Chancellor George Osborne had failed to deliver an anti-poverty budget that would boost living standards and ease the strain on poor families.
We needed an anti-poverty budget to help struggling families, but what we heard yesterday was a standstill budget for a go-slow economy. At the time of the Autumn Statement, last December, I warned of a decade of destitution and I do so again now.
The Chancellor faced a test: he needed to boost households incomes and help cut the cost of essentials. Neither were forthcoming and this budget failed to do enough for low-income households.
Growth must go hand-in-hand with helping the poorest families. Proper infrastructure - the provision of childcare and housing supply measures that help those excluded from the market - were needed to complement any building projects.
Low-income families needing support weren't asking for a miracle cure today - instead they sought urgent measures that would help lift their income, cut their costs and improve living standards.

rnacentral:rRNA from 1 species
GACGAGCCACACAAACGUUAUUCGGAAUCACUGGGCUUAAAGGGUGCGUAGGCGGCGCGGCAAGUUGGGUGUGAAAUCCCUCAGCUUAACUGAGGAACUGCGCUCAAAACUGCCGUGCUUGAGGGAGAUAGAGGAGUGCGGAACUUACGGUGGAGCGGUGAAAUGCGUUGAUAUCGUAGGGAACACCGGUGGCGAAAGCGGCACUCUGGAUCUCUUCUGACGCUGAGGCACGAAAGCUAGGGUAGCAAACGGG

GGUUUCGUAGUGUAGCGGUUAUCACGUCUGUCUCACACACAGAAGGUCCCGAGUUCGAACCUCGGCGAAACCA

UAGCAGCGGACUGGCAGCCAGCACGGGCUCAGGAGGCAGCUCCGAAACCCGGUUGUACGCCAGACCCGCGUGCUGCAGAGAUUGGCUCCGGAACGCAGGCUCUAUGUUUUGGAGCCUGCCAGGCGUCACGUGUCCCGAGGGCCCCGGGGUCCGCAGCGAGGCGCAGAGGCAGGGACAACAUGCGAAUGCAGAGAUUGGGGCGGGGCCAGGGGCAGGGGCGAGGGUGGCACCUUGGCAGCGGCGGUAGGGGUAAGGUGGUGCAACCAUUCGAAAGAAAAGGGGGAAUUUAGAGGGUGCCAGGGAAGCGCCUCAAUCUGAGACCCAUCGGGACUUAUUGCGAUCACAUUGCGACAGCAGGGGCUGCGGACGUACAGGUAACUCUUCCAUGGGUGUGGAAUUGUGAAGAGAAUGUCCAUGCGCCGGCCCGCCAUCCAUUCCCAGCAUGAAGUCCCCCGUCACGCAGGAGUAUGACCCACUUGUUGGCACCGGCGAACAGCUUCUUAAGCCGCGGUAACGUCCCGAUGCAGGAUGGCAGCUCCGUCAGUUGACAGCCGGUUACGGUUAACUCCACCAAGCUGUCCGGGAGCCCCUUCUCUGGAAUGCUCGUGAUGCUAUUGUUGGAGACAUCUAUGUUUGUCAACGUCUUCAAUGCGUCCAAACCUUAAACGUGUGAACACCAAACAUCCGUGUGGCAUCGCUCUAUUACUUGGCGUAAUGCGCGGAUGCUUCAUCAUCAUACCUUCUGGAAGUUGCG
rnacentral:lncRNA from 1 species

The early increase in the income tax personal allowance is a fillip for those who are able to benefit from it, but this is not an efficient way of targeting help on households in poverty.
Recognising the burden of childcare costs is a start, but the extra help in the new tax-free childcare policy barely benefits those on the low incomes, nor makes up for the shortfall from previous cuts to childcare tax credits.
Knowing support is coming in three years' time provides little comfort for those who are struggling to make it through to the end of the week. With cuts to benefits and tax rises around the corner, the struggle for millions of poor families shows no sign of relenting.